- United Arab Emirates registration No. 211139 for the word mark IQOS, registered on March 16, 2016, in class 34;
- United Arab Emirates registration No. 211143 for the device mark IQOS, registered on March 16, 2016, in class 34; and
- United Arab Emirates registration No. 305079 for the device mark IQOS, registered on June 17, 2019, in class 34.

The disputed domain name was registered on December 21, 2020, and presently resolves to an active online shop allegedly selling and offering the Complainant’s IQOS system in Dubai.

5. Parties’ Contentions

A. Complainant

The Complainant claims to have developed the IQOS system, first launched in Nagoya, Japan in 2014.

Asserting to have invested over USD 8.1 billion in extensive international sales and marketing efforts to promote its IQOS system, the Complainant states that its new product has obtained considerable international success and reputation, approximately having 19.1 million relevant consumers worldwide.

According to the Complainant, the use of the disputed domain name in connection with an online shop directed to the United Arab Emirates market, allegedly selling and offering the Complainant’s IQOS system as well as competing third party products, presenting the designation “Iqos Dubai is the leading online store based in Dubai, UAE” (with Dubai being a city and emirate in the United Arab Emirates), clearly indicates that the Respondent purports to be an official online retailer of the Complainant’s IQOS System in the United Arab Emirates, when it is not, by reproducing the Complainant’s trademarks, official product pictures and logos. In addition to that, an unremarkable disclaimer positioned at the bottom of the website available at the disputed domain name is ambiguous and inaccurate, and does not correctly identify the owner of the IQOS trademarks, and their relationship (or lack thereof) to the Respondent.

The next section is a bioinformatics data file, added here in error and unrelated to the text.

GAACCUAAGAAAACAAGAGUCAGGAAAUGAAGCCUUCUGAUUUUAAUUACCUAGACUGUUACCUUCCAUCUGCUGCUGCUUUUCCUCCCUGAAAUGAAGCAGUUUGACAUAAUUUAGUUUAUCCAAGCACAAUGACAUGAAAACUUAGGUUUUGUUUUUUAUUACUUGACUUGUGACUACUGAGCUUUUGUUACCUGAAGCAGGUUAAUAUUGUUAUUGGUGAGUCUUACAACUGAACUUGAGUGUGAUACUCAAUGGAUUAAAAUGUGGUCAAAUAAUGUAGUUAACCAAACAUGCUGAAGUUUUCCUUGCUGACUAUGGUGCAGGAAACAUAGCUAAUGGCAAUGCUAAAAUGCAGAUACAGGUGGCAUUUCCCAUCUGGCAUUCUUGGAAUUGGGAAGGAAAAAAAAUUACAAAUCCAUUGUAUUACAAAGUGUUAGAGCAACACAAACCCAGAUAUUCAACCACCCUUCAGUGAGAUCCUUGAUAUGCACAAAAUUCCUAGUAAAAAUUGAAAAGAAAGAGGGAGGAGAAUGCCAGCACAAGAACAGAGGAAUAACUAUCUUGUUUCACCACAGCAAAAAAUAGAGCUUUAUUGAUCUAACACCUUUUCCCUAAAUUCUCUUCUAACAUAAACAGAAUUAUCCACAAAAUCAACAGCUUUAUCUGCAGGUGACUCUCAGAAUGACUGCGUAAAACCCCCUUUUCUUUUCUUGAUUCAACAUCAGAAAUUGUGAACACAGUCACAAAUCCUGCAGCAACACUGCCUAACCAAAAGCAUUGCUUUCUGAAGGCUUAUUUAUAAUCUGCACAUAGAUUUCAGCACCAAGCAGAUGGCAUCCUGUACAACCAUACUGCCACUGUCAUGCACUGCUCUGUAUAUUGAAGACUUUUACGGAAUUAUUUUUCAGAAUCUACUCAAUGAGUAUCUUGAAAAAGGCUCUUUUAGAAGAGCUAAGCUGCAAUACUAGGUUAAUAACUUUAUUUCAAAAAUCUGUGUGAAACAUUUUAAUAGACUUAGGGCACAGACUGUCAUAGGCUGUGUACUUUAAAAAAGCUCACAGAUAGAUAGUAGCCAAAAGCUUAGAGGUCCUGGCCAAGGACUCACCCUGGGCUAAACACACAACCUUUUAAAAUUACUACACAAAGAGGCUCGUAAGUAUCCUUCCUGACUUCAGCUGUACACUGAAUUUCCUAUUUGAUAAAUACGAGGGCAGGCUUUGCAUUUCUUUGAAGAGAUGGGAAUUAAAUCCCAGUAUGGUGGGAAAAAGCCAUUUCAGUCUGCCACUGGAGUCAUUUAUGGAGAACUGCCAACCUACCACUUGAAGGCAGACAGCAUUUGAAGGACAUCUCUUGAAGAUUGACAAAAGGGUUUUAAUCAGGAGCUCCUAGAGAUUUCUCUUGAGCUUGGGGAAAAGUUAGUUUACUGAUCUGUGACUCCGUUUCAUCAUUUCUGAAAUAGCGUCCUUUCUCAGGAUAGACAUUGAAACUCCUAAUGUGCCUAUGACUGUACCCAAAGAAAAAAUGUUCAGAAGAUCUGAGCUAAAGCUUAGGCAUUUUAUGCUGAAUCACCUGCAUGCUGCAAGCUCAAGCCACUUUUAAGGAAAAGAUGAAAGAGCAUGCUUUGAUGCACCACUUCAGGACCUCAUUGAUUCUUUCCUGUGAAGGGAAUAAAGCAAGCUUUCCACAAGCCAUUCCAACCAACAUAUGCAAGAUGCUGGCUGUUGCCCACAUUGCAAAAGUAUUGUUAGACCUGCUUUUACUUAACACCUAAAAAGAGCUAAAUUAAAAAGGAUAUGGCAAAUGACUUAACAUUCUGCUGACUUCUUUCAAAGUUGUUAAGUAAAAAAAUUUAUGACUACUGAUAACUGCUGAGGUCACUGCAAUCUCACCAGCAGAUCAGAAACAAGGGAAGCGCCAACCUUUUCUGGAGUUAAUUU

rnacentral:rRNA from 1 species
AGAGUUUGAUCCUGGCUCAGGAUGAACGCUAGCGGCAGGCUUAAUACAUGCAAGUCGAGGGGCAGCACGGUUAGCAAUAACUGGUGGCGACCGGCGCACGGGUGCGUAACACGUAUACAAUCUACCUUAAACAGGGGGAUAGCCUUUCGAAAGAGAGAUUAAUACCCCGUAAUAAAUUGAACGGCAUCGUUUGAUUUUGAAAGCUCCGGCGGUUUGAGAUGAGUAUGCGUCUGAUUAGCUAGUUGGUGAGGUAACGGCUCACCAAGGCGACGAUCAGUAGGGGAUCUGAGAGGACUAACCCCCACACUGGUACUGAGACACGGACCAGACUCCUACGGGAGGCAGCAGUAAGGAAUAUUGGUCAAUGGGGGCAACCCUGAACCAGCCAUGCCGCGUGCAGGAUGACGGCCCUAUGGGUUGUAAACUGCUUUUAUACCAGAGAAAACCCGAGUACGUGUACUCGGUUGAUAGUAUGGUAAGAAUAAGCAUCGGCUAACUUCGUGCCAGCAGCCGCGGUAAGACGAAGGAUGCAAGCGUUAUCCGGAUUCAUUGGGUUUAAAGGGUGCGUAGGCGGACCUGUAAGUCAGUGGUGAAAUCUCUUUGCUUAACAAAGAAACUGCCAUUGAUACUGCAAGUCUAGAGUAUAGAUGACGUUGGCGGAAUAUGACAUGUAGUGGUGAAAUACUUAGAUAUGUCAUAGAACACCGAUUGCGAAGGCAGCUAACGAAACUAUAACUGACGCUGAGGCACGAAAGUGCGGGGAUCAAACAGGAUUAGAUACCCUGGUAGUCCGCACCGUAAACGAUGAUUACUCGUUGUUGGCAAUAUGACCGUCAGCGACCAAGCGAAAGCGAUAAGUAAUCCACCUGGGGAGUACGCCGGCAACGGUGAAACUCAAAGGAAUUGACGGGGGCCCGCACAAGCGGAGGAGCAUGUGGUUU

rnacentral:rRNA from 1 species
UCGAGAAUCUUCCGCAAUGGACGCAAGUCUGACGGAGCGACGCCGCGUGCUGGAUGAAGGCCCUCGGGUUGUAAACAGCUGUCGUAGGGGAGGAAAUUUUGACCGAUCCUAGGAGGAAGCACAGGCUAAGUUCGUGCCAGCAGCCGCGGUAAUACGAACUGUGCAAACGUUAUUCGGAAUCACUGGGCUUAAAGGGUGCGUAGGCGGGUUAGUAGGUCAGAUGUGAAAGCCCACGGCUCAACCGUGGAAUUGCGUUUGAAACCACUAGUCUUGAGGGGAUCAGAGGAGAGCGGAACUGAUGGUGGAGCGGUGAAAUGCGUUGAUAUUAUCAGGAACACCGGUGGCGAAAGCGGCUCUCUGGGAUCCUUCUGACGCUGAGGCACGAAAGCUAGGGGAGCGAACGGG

Under the Complainant’s view, the disputed domain name is confusingly similar to the Complainant’s IQOS trademark given that it is well accepted that the test for confusing similarity involves a reasoned but relatively straightforward comparison between the Complainant’s trademark and the disputed domain name to assess whether the mark is recognizable within the disputed domain name (see section 1.7 of the WIPO Overview of WIPO Panel Views on Selected UDRP Questions, Third Edition (“WIPO Overview 3.0”)).

Regarding the absence of the Respondent’s rights or legitimate interests, the Complainant argues that:

(i) it has not licensed or otherwise permitted the Respondent to use any of its trademarks or to register a domain name incorporating its IQOS trademark;

(ii) the Respondent is not making a legitimate noncommercial or fair use of the disputed domain name, rather showing a clear intent to obtain an unfair commercial gain, with a view to misleadingly diverting consumers or to tarnish the trademarks owned by the Complainant;

(iii) the Respondent is not an authorized distributor or reseller of the IQOS System;